The first concern is with the police themselves. They are increasingly becoming incapable of doing effective police work. Instead of establishing ties and developing relationships with the communities they serve, they are turning into ineffective bullies. They’ve replaced learning my name and touching base with me every so often with stopping and frisking my black neighbor for no reason other than we live in Harlem. They shut down whole cities in pursuit of one person, rather than relying on the tens of thousands of eyes in that city to help them. They sit in “command centers” watching thousands of hours of video of tourists taking pictures of Times Square, instead of talking to people. They have become lazy (NYPD made that allegation against their own officers during the stop and frisk trial two weeks ago) thugs who don’t even know how to gather intelligence anymore. Instead of assuming that we’re all law abiding citizens who want safe streets, they assume that we’re all guilty of something. They surveil, and stop and frisk all of us just to catch the small percentage of us that are doing the slightest thing wrong. And it isn’t working. Remember, the police didn’t catch the would-be Times Square bomber. A responsible citizen reported seeing something suspicious. All of the cameras and the intimidation isn’t working. And when an organization views an entire community with suspicion, putting more information in their hands is a very bad idea. They’re not going to use these tools to protect you because they believe that you’re guilty of something. This is just going to make them dumber, lazier, more thuggish, and less effective.
And yes I know that in this case, they caught a rapist that they wouldn’t have caught otherwise. To that I say, if you’re okay with this, you’re replacing one menace with another. They should have been able to catch the rapist with police work. And I’m not willing to put more power in the hands of an organization that; a) isn’t competent enough to catch a rapist any other way b) sees us all as criminals. I’m not willing to empower one evil to extinguish another. You’re not eliminating danger that way. You’re just shifting that danger around.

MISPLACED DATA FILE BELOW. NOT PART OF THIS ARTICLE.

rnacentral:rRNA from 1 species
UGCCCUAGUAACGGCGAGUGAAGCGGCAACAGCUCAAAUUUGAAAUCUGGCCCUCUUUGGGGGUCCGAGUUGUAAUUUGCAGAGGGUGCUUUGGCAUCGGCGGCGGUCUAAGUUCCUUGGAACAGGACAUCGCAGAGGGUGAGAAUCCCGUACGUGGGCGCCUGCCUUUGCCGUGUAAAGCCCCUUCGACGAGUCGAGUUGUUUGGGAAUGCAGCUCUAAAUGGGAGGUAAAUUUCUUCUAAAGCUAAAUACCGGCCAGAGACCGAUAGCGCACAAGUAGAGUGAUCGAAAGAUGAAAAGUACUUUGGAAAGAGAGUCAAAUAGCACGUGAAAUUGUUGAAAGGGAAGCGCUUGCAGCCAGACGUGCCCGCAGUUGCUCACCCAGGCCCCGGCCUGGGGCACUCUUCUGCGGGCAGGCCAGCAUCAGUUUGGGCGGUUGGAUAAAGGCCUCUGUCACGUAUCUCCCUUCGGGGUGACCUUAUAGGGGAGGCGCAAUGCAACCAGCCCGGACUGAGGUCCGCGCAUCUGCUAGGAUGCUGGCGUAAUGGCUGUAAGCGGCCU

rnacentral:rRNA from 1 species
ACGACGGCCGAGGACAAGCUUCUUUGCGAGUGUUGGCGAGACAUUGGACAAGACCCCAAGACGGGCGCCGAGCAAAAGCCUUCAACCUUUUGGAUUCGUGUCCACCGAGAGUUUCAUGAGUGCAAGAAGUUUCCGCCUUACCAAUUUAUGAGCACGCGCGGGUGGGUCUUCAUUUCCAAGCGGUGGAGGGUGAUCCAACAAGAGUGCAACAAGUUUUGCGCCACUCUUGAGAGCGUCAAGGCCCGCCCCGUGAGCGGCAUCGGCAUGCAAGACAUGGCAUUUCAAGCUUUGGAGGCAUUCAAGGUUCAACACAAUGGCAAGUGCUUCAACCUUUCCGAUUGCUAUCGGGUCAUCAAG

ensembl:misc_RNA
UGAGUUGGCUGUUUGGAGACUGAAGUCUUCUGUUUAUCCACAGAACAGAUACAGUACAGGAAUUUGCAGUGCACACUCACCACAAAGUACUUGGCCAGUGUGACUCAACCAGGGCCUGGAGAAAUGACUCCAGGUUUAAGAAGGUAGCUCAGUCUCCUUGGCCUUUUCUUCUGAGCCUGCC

The scariest part of this lies in how DNA is nothing like fingerprinting. Your fingerprint belongs to you and only you. If it’s found somewhere, that means that you were there. Your DNA belongs to your entire family. Your DNA will contain markers shared by your parents, siblings, children, grandparents, and grandchildren. That’s some scary shit.
Let’s say that my sister is arrested for peacefully protesting something (if I had a sister, I would want her to be an activist!) She is then arrested, and will be released a few hours later. During the booking process, her DNA is collected. A few years later, a bodega in my neighborhood is robbed and someone is shot. Since this bodega is in my neighborhood, I often go there to buy a newspaper. During the course of the investigation, DNA samples are collected. My DNA, which is on some newspapers in the bodega then shows up as having the right number of markers to tie me to my sister. The police then come barreling down my door. Do you see where this can go horribly wrong? The faster law enforcement can get DNA samples from some of us, the faster they will have DNA on all of us.
Putting more data in the hands of an organization that views you as the enemy is dangerous. Remember, David Petraeus’ affair was exposed because an FBI agent with an agenda had access to his emails. What do you think is going to happen when people have access to everyone’s DNA. As we saw with Patraeus, no one is above the negative ramifications of rampant data collection.
So no SCOTUS, collecting DNA is nothing like collecting a fucking fingerprint. And frankly, I can’t believe there are five people stupid enough to make that assertion on the highest court in the land.